Disclaimer: Yes, I am perfectly aware that medical dramas are works of fiction and often over exaggerated.
So I was watching a medical drama, and they were removing a brain tumor from the patient. The tumor was large enough that it left a sizable hole in the brain. So it got me thinking:
How accurate is this to real life tumor resection? Does the tumor leave behind a gaping hole that you have to graft or suture back together? What about in the case of a brain tumor? Does the gap stay there forever? Does it get filled?
the_original_Retro: Yes, it does. What happens depends on the regenerative power of the type of tissue that the tumor is removed from.
With the exception of the liver, our organs do not regenerate so if your remove any part of them that’s it, it’s gone. Usually when there’s surgery involving tumors, they remove the tumor and take a little bit of the surrounding healthy tissue as well so they’re ensuring they get all of the cancer.
As a result, you’re left with a gap in your body that either is permanent and the surgeon closes off (such as if it’s an amputation) or that part fills with fluid (as is the case with a removed volume of cerebral material).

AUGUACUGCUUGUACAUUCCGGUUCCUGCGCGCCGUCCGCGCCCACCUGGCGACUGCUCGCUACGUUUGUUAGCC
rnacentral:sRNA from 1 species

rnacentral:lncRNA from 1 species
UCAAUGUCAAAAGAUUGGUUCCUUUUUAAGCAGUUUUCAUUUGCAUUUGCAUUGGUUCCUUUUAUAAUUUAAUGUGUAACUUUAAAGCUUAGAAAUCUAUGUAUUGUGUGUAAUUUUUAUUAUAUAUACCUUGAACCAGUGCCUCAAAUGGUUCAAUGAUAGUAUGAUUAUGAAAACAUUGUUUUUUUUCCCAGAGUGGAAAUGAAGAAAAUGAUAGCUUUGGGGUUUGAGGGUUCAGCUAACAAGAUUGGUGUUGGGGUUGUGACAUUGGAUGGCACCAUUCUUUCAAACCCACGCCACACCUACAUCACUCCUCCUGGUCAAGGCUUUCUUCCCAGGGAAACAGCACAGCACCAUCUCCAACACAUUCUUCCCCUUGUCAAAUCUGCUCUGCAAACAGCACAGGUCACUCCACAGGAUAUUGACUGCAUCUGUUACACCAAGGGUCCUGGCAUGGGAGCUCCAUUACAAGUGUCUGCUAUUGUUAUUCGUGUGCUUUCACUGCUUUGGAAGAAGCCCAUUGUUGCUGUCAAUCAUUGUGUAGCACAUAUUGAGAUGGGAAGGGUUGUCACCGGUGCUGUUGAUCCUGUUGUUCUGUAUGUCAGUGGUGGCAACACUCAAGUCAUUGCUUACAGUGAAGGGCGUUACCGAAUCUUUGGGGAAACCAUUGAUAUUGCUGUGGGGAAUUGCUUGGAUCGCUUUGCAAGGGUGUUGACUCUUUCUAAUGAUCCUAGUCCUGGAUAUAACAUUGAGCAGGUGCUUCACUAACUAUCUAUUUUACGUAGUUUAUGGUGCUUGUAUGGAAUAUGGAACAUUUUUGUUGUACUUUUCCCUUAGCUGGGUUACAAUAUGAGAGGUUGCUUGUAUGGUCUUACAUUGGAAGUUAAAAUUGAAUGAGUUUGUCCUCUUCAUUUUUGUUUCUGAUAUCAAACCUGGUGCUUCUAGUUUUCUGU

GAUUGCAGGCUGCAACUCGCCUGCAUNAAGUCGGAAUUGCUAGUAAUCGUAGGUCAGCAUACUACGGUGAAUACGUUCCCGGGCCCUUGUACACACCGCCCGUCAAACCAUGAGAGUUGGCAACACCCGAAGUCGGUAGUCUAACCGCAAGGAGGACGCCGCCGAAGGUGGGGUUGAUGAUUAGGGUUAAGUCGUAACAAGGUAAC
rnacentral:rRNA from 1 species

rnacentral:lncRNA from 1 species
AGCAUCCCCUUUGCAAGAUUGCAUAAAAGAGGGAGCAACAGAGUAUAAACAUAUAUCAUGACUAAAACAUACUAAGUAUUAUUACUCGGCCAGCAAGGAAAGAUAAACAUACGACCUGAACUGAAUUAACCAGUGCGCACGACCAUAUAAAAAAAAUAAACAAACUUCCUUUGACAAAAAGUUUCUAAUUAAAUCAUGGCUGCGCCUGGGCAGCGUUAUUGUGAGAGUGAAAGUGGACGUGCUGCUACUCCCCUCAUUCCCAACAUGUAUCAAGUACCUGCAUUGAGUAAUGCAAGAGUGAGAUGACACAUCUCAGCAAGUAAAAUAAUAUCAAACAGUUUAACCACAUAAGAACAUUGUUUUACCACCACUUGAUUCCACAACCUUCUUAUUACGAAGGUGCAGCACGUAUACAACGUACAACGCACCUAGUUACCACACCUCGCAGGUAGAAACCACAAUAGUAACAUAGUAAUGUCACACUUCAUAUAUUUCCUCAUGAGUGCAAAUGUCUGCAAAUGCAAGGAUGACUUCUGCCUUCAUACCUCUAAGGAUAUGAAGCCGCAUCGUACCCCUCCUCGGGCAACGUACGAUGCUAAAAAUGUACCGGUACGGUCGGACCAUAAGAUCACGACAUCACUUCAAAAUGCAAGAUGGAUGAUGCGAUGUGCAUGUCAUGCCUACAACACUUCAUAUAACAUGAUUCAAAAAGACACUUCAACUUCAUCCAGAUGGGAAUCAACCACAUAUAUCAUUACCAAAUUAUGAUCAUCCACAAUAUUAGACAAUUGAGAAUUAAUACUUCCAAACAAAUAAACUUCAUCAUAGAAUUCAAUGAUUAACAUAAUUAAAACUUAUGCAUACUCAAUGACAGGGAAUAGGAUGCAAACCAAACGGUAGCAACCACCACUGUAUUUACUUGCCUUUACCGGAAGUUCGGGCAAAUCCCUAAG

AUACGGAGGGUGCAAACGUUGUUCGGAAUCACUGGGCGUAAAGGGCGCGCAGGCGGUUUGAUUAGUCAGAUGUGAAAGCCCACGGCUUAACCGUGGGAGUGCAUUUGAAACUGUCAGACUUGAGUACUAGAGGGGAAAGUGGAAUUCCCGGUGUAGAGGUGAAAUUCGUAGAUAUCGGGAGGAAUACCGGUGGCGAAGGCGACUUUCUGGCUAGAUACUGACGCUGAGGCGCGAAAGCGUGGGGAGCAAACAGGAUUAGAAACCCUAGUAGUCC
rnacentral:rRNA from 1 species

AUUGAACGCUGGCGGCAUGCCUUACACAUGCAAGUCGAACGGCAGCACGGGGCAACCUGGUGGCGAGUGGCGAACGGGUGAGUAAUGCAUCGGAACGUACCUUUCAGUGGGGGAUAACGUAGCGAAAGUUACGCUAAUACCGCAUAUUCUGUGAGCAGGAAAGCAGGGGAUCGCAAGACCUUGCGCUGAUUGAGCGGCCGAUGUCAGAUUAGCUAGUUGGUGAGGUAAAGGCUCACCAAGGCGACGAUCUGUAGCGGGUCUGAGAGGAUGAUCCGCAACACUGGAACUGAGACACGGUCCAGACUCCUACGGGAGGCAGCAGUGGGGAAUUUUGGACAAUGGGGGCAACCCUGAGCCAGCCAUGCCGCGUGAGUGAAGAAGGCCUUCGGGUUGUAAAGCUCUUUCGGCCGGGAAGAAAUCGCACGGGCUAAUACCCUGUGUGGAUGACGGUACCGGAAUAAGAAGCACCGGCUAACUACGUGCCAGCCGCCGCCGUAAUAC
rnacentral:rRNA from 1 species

Things may change further over time as your body reacts to scarring in the area or a large volume of material is removed from your internal tissues and there’s no longer rigid structure there to support them. It’s kind of like how the hole from an extracted wisdom tooth eventually fills in.
[edit: adding one other option – a transplant or graft. They can introduce replacement living material like a tissue graft or transplanted organ to replace the area you lost, or they can introduce something like a ‘scaffold’ graft of sterilized bone tissue that your body can incorporate into itself.]